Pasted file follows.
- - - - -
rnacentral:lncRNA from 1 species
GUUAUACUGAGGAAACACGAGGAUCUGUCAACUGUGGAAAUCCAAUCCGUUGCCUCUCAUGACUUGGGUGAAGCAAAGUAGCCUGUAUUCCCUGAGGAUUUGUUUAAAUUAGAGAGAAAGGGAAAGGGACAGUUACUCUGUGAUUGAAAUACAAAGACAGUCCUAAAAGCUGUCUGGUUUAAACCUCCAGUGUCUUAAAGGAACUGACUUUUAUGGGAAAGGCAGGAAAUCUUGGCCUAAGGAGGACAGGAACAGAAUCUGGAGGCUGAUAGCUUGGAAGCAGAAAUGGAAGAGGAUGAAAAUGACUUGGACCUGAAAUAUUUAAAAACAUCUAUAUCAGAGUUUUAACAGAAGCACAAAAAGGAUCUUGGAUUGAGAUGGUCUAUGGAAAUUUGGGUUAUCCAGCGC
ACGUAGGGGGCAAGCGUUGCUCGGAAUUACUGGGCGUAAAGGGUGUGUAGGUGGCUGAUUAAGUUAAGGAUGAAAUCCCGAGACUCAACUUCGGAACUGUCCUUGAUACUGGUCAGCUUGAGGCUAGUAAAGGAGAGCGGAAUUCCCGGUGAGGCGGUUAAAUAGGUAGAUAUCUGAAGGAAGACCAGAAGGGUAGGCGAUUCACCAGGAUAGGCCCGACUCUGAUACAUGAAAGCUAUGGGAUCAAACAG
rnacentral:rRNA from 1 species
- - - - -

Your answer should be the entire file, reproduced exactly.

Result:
rnacentral:lncRNA from 1 species
GUUAUACUGAGGAAACACGAGGAUCUGUCAACUGUGGAAAUCCAAUCCGUUGCCUCUCAUGACUUGGGUGAAGCAAAGUAGCCUGUAUUCCCUGAGGAUUUGUUUAAAUUAGAGAGAAAGGGAAAGGGACAGUUACUCUGUGAUUGAAAUACAAAGACAGUCCUAAAAGCUGUCUGGUUUAAACCUCCAGUGUCUUAAAGGAACUGACUUUUAUGGGAAAGGCAGGAAAUCUUGGCCUAAGGAGGACAGGAACAGAAUCUGGAGGCUGAUAGCUUGGAAGCAGAAAUGGAAGAGGAUGAAAAUGACUUGGACCUGAAAUAUUUAAAAACAUCUAUAUCAGAGUUUUAACAGAAGCACAAAAAGGAUCUUGGAUUGAGAUGGUCUAUGGAAAUUUGGGUUAUCCAGCGC
ACGUAGGGGGCAAGCGUUGCUCGGAAUUACUGGGCGUAAAGGGUGUGUAGGUGGCUGAUUAAGUUAAGGAUGAAAUCCCGAGACUCAACUUCGGAACUGUCCUUGAUACUGGUCAGCUUGAGGCUAGUAAAGGAGAGCGGAAUUCCCGGUGAGGCGGUUAAAUAGGUAGAUAUCUGAAGGAAGACCAGAAGGGUAGGCGAUUCACCAGGAUAGGCCCGACUCUGAUACAUGAAAGCUAUGGGAUCAAACAG
rnacentral:rRNA from 1 species